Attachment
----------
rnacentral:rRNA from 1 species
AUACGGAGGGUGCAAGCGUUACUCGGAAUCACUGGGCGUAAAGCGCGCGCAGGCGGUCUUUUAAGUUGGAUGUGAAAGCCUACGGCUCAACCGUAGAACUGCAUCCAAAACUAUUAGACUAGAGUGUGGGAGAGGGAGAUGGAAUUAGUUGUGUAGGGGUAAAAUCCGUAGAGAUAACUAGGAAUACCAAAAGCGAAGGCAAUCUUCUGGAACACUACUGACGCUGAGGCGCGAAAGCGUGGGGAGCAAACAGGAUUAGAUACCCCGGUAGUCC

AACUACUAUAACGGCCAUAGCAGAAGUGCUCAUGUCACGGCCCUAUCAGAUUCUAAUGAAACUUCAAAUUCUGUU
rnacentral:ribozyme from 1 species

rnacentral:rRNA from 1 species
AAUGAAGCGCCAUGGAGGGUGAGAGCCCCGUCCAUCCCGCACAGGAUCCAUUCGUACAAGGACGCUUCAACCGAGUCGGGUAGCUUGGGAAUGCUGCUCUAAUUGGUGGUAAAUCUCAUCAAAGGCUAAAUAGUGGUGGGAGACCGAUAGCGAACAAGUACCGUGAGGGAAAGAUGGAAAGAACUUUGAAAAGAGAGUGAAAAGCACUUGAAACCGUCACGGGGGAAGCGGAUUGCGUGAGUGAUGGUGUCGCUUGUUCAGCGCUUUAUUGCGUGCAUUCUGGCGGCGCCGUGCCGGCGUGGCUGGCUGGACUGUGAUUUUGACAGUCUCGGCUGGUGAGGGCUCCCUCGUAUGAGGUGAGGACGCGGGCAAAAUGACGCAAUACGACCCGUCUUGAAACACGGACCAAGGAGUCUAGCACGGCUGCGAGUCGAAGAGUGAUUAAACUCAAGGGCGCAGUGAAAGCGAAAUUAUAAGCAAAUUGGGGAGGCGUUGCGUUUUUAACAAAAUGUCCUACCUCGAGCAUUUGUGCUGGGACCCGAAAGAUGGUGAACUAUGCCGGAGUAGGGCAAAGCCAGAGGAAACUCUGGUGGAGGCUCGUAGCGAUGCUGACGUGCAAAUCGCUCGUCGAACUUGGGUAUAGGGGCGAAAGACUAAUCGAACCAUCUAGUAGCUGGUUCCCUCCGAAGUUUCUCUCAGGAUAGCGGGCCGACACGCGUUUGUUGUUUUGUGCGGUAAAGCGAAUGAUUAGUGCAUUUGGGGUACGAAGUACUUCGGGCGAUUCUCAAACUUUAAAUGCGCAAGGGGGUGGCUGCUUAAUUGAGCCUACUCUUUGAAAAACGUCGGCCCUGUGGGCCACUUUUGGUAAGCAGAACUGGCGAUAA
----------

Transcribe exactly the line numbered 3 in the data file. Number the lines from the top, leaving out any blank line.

AACUACUAUAACGGCCAUAGCAGAAGUGCUCAUGUCACGGCCCUAUCAGAUUCUAAUGAAACUUCAAAUUCUGUU